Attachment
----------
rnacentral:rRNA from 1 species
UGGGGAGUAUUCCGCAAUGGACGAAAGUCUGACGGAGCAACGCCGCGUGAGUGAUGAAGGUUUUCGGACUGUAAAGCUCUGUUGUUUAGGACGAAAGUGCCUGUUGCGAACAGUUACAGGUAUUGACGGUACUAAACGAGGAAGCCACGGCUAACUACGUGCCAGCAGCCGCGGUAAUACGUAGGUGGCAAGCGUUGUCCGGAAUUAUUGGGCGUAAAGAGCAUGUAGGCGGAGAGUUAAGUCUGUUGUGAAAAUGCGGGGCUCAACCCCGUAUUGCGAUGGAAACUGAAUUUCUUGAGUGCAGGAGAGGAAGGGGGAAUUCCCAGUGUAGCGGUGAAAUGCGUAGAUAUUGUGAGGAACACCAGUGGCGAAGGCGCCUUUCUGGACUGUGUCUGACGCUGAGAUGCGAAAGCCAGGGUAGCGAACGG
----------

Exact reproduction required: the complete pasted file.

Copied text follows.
rnacentral:rRNA from 1 species
UGGGGAGUAUUCCGCAAUGGACGAAAGUCUGACGGAGCAACGCCGCGUGAGUGAUGAAGGUUUUCGGACUGUAAAGCUCUGUUGUUUAGGACGAAAGUGCCUGUUGCGAACAGUUACAGGUAUUGACGGUACUAAACGAGGAAGCCACGGCUAACUACGUGCCAGCAGCCGCGGUAAUACGUAGGUGGCAAGCGUUGUCCGGAAUUAUUGGGCGUAAAGAGCAUGUAGGCGGAGAGUUAAGUCUGUUGUGAAAAUGCGGGGCUCAACCCCGUAUUGCGAUGGAAACUGAAUUUCUUGAGUGCAGGAGAGGAAGGGGGAAUUCCCAGUGUAGCGGUGAAAUGCGUAGAUAUUGUGAGGAACACCAGUGGCGAAGGCGCCUUUCUGGACUGUGUCUGACGCUGAGAUGCGAAAGCCAGGGUAGCGAACGG